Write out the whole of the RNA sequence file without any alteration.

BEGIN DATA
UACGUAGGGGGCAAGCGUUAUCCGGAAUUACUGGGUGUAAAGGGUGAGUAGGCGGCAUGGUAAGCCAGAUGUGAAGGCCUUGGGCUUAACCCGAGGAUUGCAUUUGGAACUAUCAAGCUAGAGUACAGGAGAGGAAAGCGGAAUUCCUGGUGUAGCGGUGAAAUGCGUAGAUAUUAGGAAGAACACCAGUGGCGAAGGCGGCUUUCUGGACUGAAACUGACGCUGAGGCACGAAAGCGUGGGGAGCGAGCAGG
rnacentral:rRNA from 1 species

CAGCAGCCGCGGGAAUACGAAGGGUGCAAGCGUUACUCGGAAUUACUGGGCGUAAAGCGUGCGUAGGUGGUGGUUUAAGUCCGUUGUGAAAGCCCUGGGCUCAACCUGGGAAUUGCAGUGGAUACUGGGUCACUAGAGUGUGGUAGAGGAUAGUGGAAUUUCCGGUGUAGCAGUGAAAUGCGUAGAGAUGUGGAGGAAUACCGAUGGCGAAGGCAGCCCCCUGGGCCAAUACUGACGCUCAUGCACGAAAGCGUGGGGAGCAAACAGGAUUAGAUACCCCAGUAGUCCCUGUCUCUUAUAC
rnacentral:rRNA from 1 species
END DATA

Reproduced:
UACGUAGGGGGCAAGCGUUAUCCGGAAUUACUGGGUGUAAAGGGUGAGUAGGCGGCAUGGUAAGCCAGAUGUGAAGGCCUUGGGCUUAACCCGAGGAUUGCAUUUGGAACUAUCAAGCUAGAGUACAGGAGAGGAAAGCGGAAUUCCUGGUGUAGCGGUGAAAUGCGUAGAUAUUAGGAAGAACACCAGUGGCGAAGGCGGCUUUCUGGACUGAAACUGACGCUGAGGCACGAAAGCGUGGGGAGCGAGCAGG
rnacentral:rRNA from 1 species

CAGCAGCCGCGGGAAUACGAAGGGUGCAAGCGUUACUCGGAAUUACUGGGCGUAAAGCGUGCGUAGGUGGUGGUUUAAGUCCGUUGUGAAAGCCCUGGGCUCAACCUGGGAAUUGCAGUGGAUACUGGGUCACUAGAGUGUGGUAGAGGAUAGUGGAAUUUCCGGUGUAGCAGUGAAAUGCGUAGAGAUGUGGAGGAAUACCGAUGGCGAAGGCAGCCCCCUGGGCCAAUACUGACGCUCAUGCACGAAAGCGUGGGGAGCAAACAGGAUUAGAUACCCCAGUAGUCCCUGUCUCUUAUAC
rnacentral:rRNA from 1 species